Try reading the opening texts together, by inserting Genesis 2 into Genesis 1 at the asterisk, just prior to the final sentence of the Genesis 1 passage. Multiple nested stories are revealed that explain and enrich the overarching Creation narrative.

“Let us make man in our image…” God accomplishes this by forming man’s body, like a potter, from the dust of the earth and animating it with a divine soul from God’s breath. By setting man’s specialized creation apart from that of all other animals, and forming the human not as just a living being but one powered by a divine soul, God begins differentiating between humans and animals.

“It is not good for man to be alone…” God points out that humans are designed to be in relationships. And yet, even though “God created man in His image,” a relationship with God doesn’t fully banish loneliness. So God invites Adam to join the search for a fitting companion, but no animal can fulfill the need for connection either. The human is designed to thrive in relationships with other humans, the only cure for loneliness.

“Male and female He created them…” God designs a “fitting helper” for Adam as a female counterpart, companion, and challenger, equal but different.

The best fit would incorporate part of Adam himself, so woman is fashioned from his rib or, in more modern translations, from his side.

According to Nachmanides, the resultant pair of a single male and a single female differentiates men from males in the animal world, who mate with multiple partners. And this pair, in turn, creates a family, the basic building block of society.

By reading Genesis not as competing accounts but as stories within stories, we can unearth a far richer understanding of God, of Creation, and of the meaning of being human.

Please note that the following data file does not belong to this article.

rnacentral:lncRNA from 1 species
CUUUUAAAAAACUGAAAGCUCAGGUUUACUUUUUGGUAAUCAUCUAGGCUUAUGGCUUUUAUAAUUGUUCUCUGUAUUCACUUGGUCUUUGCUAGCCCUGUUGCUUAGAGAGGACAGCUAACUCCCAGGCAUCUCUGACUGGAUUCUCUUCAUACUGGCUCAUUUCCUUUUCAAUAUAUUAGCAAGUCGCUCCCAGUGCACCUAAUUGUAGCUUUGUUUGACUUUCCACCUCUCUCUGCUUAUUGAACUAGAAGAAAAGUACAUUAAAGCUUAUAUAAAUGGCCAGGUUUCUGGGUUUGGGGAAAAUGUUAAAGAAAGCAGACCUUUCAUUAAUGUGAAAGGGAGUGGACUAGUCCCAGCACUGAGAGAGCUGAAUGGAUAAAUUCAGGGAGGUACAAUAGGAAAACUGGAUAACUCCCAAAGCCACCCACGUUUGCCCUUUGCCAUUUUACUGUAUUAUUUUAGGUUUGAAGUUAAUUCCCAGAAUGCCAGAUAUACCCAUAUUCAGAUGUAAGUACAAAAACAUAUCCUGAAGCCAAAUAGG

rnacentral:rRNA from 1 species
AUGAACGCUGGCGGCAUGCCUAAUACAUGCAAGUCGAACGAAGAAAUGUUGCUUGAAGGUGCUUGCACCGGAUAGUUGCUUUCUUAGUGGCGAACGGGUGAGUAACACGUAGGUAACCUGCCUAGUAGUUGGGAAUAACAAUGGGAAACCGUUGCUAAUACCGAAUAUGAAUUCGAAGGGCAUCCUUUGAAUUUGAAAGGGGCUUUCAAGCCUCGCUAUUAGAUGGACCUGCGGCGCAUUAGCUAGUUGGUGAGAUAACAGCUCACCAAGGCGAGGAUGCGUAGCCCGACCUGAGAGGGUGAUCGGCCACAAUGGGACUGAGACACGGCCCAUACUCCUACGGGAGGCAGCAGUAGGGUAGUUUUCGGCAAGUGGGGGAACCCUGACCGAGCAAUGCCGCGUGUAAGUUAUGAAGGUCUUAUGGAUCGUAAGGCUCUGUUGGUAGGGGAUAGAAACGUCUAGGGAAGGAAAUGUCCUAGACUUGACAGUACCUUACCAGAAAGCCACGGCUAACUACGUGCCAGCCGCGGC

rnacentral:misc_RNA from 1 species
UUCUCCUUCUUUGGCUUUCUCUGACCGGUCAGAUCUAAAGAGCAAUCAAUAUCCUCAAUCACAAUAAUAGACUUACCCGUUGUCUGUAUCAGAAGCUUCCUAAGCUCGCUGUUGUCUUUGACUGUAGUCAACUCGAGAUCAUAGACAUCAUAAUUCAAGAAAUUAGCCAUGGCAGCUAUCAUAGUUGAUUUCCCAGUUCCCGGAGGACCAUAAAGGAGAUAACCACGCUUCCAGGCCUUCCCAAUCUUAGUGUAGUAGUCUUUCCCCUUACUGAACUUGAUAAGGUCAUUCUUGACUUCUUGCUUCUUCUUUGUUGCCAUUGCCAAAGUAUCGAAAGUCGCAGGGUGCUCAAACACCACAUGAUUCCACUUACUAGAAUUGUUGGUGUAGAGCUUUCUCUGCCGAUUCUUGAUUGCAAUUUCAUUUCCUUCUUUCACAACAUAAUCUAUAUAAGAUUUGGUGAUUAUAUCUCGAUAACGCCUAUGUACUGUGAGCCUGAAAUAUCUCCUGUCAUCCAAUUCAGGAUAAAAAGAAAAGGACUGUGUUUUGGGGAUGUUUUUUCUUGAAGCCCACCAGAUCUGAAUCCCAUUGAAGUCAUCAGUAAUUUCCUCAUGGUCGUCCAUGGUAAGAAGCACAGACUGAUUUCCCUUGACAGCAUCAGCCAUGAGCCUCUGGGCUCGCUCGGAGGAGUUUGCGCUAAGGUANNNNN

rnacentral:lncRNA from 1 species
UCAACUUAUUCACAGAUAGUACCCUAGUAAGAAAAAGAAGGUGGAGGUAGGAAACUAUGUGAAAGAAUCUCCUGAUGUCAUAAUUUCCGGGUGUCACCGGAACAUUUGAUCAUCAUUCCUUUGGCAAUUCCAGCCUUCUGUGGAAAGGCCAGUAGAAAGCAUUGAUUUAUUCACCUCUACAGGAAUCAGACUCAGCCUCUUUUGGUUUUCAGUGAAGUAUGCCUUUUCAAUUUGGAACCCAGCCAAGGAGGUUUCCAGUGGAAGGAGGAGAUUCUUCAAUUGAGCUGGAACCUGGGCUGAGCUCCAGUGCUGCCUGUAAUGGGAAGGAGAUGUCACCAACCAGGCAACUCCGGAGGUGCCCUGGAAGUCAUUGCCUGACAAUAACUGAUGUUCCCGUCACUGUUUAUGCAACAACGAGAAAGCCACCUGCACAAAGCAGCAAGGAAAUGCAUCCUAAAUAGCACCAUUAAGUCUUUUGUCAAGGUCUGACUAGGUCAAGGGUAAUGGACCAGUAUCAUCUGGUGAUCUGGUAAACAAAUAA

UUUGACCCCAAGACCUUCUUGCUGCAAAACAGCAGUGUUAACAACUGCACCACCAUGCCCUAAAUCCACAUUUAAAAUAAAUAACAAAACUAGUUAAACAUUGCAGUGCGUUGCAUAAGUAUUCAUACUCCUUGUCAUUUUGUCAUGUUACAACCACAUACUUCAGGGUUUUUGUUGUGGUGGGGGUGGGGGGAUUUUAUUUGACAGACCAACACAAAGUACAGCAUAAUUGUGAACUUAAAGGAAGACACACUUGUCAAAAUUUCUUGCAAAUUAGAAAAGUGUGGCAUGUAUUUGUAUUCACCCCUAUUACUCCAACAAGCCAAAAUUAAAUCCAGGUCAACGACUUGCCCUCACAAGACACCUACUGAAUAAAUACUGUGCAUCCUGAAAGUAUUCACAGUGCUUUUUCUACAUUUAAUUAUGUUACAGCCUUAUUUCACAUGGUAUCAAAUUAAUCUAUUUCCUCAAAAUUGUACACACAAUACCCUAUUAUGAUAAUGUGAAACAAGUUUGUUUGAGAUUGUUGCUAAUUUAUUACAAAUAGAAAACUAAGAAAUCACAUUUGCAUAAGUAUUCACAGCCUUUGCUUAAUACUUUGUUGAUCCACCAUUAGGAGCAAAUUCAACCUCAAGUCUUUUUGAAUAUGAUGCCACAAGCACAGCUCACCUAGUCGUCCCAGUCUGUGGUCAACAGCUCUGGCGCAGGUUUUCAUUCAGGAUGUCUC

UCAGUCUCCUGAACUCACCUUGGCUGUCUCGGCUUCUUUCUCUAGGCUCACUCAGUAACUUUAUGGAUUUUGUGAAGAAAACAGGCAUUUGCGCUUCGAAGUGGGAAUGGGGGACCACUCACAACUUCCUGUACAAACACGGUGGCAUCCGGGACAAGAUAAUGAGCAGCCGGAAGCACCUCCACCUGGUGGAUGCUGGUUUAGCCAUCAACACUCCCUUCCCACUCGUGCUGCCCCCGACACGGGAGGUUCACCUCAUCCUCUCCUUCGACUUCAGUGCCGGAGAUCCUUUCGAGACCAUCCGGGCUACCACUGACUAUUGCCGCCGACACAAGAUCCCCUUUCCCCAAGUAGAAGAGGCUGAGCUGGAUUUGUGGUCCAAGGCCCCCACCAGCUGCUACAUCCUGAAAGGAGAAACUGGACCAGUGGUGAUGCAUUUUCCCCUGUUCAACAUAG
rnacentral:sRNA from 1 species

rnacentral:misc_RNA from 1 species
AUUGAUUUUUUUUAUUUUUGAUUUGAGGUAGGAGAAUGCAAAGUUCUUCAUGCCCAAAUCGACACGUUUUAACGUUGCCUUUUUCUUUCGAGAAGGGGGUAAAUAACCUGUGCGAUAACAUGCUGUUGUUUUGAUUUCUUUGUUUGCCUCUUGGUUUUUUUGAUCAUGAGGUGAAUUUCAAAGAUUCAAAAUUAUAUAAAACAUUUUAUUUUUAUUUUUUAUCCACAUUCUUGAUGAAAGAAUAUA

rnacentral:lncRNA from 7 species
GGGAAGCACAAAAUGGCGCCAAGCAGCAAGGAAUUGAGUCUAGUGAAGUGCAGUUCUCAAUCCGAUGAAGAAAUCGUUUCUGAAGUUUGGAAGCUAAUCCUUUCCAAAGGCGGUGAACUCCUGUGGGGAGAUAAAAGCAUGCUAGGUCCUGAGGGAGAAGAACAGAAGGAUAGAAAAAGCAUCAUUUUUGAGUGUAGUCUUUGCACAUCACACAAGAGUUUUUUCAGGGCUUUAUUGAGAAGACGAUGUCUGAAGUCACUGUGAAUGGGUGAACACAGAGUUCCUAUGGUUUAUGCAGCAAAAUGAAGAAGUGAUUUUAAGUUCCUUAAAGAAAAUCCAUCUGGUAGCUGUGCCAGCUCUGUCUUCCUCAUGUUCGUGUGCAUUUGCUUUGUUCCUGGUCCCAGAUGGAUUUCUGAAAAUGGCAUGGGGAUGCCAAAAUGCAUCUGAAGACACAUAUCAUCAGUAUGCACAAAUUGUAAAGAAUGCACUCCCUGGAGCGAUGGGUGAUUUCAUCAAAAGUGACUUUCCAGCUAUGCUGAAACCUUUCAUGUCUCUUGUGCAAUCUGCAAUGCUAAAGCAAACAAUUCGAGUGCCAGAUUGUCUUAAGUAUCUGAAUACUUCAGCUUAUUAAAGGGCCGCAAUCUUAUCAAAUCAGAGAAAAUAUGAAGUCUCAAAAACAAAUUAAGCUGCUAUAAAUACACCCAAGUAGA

Literature to share

Bitter and Sweet by Sandra Feder. Echoing the theme of Naomi Shemer’s timeless song is this lovely story about a young girl, Hannah, who is unhappy about moving to a new city. To comfort her, Hannah’s grandmother shares a bit of Jewish wisdom, that life is filled with both the bitter and the sweet. At first, Hannah can only see the bitter, but she soon discovers that not only can you find sweetness where least expected, but you can actually make it yourself. Delightfully illustrated with inviting scenes and expressive faces, this book is an excellent preschool-to-primary selection to read and discuss.

See also the 70th anniversary recording of 12,000 Israelis singing Naomi Shemer’s song about the bitter and the sweet, Al Kol Ayleh.

Good Heart by Alan Newman. This unusual, fast-paced novel follows the interwoven multi-generational life stories of an evangelical Christian family and a Jewish family living in a small Indiana town. Their paths intersect not only in the Holocaust and Zionism, but also in friendships and celebrations, the experiences of small-town American life, and their values that lead them all to Israel. A highly-rated page-turner, Good Heart is an uplifting saga about ordinary Christians and Jews working together to repair the world.


To read the complete May 2021 Dayton Jewish Observer, click here.